Forget about Resolutions! Set an Intention for the New Year
So you’ve made your New Year’s resolution, maybe even more than one. If you’re like me, you make the same ones every year. Personally, I feel like a failure every year when I inevitably break my resolutions. Those last 10 pounds? Still here. Giving up sweets? Refer to the previous sentence about those last 10 (okay, 15) pounds. My resolution not to lose my temper and raise my voice with my children? I have teenagers — need I say more?
So, this year, I have decided not to make any resolutions at all. Wow, it felt great just writing that! In fact, it’s not my fault, or yours, if you cannot keep your resolutions. The word itself is hard and uncompromising. Resolution, resolute, resolve. Problem solved, game over. Last time I checked I was human (although barely so before my morning coffee) and I am a work in progress.
In the philosophy of yoga there are 10 “commandments” that all yogis should strive to live by, 5 yamas and 5 niyamas. One of my favorite yamas is ahimsa, simply defined as practicing non-violence. Ahimsa is why many yoga practitioners are also vegetarians. Ahimsa also means practicing kindness towards all living things, including yourself. You know what I
mean, that voice in your head? The one that has plenty of negative things to say about you? Turn it off, and try practicing ahimsa. A little trick I use sometimes is to imagine myself at a younger age — a toddler or even a teenager. Would I talk to my younger self that way? When I look back at my younger self all I feel is compassion. I want to give myself a hug and say everything’s going to be okay. I was learning and growing and making lots of mistakes. And the truth is, at almost 42 years old, I am still learning and growing and making mistakes. I am the same person inside. So I practice ahimsa and try to treat myself kindly and with compassion.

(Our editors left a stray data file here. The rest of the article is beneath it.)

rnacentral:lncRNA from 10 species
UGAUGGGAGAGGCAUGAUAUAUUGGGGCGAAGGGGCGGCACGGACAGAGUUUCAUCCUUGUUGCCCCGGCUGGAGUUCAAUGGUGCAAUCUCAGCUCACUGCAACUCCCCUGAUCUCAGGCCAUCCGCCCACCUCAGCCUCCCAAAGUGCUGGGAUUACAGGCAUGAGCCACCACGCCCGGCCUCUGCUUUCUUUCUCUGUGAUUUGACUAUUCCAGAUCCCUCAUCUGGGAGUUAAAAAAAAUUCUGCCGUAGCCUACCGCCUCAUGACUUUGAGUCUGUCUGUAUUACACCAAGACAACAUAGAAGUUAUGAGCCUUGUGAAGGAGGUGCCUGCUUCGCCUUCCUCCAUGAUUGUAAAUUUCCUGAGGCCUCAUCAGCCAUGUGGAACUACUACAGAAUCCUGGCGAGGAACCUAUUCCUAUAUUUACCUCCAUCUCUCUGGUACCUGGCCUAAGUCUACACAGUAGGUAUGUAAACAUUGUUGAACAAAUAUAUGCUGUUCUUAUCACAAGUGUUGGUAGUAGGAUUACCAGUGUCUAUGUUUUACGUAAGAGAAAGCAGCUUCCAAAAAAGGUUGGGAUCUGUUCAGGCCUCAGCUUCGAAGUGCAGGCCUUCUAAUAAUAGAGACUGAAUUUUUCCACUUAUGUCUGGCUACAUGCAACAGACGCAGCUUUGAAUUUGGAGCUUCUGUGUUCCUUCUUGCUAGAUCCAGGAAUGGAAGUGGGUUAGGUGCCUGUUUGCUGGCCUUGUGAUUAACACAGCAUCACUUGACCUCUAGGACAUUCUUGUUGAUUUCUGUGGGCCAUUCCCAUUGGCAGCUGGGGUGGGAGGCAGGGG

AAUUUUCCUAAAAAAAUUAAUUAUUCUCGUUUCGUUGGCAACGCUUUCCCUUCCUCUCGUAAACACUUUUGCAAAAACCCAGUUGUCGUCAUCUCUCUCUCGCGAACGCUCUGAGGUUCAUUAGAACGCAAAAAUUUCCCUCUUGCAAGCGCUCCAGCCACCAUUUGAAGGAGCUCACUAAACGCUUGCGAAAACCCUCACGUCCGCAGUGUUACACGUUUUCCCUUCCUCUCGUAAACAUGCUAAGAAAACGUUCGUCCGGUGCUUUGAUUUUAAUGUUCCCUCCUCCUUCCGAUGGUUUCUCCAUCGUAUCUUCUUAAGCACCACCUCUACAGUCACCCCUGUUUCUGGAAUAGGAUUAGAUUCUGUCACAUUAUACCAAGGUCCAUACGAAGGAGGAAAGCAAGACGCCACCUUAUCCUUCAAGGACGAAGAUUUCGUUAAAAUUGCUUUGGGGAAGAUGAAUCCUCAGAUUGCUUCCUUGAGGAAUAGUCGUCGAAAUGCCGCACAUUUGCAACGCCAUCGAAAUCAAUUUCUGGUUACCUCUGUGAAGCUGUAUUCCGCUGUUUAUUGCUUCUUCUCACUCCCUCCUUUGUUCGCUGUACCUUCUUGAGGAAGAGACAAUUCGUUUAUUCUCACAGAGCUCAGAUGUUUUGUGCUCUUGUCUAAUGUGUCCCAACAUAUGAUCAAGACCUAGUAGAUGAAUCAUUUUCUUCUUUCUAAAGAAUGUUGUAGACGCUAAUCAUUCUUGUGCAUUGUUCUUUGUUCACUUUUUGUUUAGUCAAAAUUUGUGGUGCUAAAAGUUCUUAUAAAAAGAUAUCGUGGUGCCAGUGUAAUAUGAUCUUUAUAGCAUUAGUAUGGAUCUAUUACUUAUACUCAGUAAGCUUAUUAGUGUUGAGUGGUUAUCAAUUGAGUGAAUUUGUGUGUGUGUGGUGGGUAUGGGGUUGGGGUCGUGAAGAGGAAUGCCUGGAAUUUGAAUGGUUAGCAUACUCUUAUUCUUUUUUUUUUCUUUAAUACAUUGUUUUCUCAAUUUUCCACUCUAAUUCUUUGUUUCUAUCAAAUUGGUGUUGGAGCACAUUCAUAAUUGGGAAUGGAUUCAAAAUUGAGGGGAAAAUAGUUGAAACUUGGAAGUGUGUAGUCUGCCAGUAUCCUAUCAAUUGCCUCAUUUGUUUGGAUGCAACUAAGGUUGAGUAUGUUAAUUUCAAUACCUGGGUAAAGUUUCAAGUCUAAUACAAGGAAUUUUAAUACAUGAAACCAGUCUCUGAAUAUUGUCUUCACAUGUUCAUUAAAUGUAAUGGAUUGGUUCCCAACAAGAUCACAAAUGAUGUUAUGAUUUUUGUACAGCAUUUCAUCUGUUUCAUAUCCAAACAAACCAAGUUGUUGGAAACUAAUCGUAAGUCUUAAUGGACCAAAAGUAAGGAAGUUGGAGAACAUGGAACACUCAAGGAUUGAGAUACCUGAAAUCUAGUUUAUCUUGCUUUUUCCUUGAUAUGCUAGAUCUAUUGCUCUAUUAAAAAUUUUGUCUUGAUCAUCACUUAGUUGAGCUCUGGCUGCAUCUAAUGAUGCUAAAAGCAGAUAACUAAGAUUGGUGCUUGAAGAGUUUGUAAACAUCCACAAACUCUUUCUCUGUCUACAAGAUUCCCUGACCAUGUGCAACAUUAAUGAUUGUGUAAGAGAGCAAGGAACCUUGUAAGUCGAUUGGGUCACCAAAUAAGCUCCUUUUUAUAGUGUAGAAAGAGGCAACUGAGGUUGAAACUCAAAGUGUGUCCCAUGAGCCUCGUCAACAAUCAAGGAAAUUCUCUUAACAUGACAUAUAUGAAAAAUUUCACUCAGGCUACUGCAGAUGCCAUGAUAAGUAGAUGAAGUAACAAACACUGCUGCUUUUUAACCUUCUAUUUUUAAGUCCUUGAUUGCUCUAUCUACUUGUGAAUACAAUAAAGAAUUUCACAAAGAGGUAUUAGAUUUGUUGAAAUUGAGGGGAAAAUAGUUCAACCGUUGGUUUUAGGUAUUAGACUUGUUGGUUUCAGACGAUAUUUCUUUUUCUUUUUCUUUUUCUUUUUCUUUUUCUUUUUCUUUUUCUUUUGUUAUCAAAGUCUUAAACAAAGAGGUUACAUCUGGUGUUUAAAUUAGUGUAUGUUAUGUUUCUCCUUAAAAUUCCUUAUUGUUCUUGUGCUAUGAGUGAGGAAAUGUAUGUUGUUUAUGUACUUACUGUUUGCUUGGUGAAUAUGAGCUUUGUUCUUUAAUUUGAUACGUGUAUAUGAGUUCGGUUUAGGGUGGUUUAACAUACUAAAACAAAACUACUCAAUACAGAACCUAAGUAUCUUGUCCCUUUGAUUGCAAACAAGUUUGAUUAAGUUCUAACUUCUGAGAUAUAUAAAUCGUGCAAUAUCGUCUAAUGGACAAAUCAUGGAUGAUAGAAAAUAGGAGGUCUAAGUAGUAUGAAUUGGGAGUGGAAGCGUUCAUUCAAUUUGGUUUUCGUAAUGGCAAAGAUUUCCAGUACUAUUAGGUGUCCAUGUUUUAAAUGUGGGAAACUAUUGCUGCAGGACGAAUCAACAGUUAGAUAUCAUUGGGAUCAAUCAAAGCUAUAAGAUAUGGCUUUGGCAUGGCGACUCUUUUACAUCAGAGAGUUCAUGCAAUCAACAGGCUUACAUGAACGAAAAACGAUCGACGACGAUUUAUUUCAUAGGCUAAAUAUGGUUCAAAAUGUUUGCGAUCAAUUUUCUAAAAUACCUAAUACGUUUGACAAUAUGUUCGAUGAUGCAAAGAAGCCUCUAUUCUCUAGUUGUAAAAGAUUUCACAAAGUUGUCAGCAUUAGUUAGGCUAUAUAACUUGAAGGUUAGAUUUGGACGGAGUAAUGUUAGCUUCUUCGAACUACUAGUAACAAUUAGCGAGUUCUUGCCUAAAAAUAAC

So forget about resolutions and set an intention instead. Intentions are like a kinder, gentler resolution. This year I don’t resolve to give up sweets and lose those last 10 (okay, 15) pounds, and I know although I love my teenagers dearly, my patience will be tested and I will raise my voice. My intention this year is to cultivate a regular meditation practice at home. Meditation will help me to be more mindful and being more mindful means I will be more likely to pay attention to what I eat, why I eat and how different foods affect me. It will also help me to be more aware of when I’m reaching my boiling point with the kids and I will be able to take a few breaths and calm down. I am sure I will stray, but luckily an intention is something you can come back to again and again. As sure as February brings unused gym memberships and all the chocolate you can eat by Valentine’s Day, you will
stray from your intentions for the new year. But what a difference from breaking that resolution! With compassion and kindness, you can return to your intention. You will learn and grow and make mistakes along the way.
After all, you are a work in progress.